# Is the runtime of the append procedure O(n)?

For example, in OCaml when you are appending an item to a list of length n.

``````x@[mylist]
``````
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that depends on how the append is done. If it is a linear structure and you append to the end, then yes. If it is a append to the head of a linear structure then it is O(1), but then you have the overhead of moving N-1 nodes. If the list is linked, and the list holds references to head and tail, then it is O(1). –  mslot Dec 15 '11 at 21:01

Yes, the runtime of `@` in OCaml is `O(n)` (where `n` is the length of the left operand).

Generally appending to the end of an immutable singly linked list (or an immutable doubly linked list for that matter) will always be `O(n)`.

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Yes, as mentioned, there are two reasons why it must be O(n):

1. You must iterate to the end of the singly-linked list, which takes O(n)

2. Since pairs are immutable, you must copy all the pairs in the first list in order to append, which also takes O(n)

A related interesting topic is tail-recursive vs non-tail recursive ways to append

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Your code snippet doesn't match your question, which suggests you're confused about what the operator does or which operator to use.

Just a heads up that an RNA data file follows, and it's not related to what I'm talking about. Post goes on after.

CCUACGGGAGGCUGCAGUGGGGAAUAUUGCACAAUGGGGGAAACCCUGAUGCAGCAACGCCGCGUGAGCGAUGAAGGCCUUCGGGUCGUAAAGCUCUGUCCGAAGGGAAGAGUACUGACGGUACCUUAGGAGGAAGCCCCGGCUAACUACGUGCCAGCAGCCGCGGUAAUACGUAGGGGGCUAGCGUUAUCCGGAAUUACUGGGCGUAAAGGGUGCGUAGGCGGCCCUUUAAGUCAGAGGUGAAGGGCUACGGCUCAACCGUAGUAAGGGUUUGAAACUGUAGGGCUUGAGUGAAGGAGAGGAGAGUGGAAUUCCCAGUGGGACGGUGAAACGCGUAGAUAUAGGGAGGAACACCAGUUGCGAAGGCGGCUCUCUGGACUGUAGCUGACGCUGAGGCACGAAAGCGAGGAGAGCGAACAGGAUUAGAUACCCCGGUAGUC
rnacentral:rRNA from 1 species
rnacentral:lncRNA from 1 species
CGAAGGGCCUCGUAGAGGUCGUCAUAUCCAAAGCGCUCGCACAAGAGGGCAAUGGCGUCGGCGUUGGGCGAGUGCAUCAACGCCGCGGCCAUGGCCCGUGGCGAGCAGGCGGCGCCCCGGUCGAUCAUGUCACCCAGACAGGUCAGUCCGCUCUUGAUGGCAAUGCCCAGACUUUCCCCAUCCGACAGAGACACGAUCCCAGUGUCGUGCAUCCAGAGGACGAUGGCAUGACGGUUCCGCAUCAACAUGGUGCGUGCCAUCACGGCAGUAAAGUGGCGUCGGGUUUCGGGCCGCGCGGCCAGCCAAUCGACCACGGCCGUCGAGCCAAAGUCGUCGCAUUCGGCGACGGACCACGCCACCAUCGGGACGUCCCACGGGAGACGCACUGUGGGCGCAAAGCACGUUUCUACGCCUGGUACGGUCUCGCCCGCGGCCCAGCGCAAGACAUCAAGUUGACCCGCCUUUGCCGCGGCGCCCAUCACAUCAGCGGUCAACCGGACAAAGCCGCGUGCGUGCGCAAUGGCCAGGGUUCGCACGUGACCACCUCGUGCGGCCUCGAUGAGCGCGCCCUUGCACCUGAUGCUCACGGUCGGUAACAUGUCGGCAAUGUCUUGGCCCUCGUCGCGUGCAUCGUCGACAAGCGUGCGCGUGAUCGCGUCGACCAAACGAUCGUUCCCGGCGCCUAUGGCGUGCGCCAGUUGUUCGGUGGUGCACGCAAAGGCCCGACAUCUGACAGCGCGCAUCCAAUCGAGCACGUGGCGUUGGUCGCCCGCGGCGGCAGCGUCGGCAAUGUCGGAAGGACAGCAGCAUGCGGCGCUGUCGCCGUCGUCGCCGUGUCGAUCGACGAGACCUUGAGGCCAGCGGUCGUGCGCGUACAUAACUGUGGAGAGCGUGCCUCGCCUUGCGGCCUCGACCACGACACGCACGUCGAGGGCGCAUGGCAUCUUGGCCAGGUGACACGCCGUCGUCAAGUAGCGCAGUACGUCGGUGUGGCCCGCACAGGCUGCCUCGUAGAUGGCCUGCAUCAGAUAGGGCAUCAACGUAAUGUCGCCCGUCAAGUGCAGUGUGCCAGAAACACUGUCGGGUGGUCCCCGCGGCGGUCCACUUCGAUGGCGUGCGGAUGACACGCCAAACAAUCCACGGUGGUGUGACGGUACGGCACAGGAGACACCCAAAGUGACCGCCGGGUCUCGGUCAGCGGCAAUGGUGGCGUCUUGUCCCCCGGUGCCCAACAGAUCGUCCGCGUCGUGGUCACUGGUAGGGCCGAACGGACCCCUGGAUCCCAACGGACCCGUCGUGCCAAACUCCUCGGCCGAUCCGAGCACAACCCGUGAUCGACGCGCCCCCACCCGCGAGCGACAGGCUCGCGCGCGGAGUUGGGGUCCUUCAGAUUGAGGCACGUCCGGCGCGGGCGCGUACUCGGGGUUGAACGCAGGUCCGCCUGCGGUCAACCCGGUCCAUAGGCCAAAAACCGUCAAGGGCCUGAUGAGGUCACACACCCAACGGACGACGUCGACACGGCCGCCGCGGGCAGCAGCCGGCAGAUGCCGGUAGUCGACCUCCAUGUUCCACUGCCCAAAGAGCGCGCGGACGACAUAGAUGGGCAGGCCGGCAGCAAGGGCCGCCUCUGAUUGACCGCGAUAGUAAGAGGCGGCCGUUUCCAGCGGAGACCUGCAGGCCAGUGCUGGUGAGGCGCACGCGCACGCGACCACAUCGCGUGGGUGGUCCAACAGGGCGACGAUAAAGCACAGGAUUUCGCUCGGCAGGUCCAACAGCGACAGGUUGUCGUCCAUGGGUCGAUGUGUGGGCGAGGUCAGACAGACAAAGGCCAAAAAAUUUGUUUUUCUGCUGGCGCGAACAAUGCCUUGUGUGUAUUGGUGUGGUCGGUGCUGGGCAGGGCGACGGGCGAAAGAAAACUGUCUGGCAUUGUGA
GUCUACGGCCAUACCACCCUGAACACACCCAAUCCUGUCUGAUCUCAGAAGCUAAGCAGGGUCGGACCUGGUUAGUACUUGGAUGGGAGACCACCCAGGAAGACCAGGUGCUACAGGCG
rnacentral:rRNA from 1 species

The `@` or List.append operator concatenates 2 lists, and `list1 @ list2` takes O(length(list1)) time and is not tail-recursive. `rev_append` is tail-recursive but still O(n) in time. The usual way to add an item to a list however is with the `::` constructor, and `item :: mylist` takes O(1) time.

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In summary, yes.

To illustrate, a simple (not tail-recursive) append function could be written as follows:

``````let rec (@) xs ys =
match xs with
| [] -> ys
| x::xs' -> x::(xs' @ ys)
``````

So internally append (`@`) breaks down the first list (`xs`) and uses `cons` (`::`) operator to build the resulting list. It's easy to see that there are n steps of prepending (`::`), where `n` is the length of the first list.

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